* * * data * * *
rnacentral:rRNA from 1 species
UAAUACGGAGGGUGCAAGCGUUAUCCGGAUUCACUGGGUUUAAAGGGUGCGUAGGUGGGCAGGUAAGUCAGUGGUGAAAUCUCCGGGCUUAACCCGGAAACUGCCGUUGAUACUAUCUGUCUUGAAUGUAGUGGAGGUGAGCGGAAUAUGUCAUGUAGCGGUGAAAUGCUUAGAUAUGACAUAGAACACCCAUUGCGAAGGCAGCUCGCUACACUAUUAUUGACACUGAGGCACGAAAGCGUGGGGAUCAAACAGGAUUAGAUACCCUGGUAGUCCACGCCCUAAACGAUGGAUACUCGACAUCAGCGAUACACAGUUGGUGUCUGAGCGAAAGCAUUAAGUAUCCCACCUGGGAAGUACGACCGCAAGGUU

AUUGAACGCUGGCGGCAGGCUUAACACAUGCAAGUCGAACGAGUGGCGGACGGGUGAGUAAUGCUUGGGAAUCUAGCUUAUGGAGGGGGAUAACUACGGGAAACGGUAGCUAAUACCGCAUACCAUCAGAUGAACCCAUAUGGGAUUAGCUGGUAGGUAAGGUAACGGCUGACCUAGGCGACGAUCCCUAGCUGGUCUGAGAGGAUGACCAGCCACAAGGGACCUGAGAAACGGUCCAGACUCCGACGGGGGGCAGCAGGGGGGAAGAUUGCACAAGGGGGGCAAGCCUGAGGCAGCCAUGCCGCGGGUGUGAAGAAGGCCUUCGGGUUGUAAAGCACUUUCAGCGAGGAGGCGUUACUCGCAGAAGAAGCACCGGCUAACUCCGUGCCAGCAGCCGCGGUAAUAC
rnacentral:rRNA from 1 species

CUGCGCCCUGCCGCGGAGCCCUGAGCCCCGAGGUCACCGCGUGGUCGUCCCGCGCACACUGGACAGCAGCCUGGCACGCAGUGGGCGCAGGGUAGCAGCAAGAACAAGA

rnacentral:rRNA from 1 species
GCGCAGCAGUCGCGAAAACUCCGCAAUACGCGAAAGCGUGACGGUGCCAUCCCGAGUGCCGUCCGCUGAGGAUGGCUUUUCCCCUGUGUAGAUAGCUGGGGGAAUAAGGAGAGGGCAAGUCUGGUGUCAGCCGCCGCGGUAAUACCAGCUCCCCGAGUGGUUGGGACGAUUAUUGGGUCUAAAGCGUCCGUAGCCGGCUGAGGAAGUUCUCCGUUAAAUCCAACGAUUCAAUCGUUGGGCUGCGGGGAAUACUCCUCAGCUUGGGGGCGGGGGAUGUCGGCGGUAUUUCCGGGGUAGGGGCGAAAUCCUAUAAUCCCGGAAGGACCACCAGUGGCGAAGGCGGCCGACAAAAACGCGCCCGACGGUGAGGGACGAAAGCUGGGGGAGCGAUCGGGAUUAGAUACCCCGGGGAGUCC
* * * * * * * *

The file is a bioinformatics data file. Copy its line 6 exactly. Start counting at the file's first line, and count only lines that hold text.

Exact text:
rnacentral:rRNA from 1 species